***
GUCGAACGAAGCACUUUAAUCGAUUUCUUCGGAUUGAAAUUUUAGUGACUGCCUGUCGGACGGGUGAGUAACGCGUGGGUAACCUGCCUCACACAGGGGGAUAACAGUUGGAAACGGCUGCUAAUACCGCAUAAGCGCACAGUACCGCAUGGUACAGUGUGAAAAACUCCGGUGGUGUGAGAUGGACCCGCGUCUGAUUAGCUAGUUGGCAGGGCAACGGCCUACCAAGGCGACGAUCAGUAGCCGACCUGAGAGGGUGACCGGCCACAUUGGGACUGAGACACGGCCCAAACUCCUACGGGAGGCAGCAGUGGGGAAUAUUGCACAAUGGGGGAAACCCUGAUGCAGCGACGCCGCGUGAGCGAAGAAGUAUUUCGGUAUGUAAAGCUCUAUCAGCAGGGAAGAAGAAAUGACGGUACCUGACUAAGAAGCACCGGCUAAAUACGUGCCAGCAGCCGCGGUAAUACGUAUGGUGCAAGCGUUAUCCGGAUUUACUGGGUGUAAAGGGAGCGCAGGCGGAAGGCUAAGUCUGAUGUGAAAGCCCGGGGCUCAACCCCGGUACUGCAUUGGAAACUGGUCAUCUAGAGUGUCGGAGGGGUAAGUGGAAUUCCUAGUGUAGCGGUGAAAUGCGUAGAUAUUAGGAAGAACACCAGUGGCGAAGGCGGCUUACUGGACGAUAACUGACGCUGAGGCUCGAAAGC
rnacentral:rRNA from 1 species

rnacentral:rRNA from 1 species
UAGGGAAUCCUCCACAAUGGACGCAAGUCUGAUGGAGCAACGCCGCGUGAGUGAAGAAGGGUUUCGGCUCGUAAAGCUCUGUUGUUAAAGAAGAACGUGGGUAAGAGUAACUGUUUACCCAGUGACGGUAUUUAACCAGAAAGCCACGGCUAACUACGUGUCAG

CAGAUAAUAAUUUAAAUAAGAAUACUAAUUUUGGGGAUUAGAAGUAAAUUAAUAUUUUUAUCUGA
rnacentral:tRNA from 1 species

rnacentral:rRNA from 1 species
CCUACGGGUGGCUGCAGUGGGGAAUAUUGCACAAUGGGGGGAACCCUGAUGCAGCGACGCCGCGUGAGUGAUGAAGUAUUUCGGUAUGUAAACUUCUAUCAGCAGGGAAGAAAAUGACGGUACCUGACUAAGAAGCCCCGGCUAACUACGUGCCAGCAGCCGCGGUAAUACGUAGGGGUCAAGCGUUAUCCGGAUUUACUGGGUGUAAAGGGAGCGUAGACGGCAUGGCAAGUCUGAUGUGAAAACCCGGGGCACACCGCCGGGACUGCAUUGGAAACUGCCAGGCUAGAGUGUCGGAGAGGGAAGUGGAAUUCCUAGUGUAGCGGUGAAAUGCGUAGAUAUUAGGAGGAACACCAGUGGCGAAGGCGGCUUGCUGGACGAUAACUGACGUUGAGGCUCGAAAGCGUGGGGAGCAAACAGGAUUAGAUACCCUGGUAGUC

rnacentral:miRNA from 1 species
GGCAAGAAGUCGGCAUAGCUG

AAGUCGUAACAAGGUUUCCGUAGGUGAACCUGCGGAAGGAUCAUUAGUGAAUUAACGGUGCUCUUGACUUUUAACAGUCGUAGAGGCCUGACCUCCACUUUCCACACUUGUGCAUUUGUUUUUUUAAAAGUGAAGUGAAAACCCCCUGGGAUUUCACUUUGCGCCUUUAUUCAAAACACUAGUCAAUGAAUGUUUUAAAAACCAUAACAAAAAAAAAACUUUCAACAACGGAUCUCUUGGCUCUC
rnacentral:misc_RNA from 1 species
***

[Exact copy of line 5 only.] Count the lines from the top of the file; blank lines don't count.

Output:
CAGAUAAUAAUUUAAAUAAGAAUACUAAUUUUGGGGAUUAGAAGUAAAUUAAUAUUUUUAUCUGA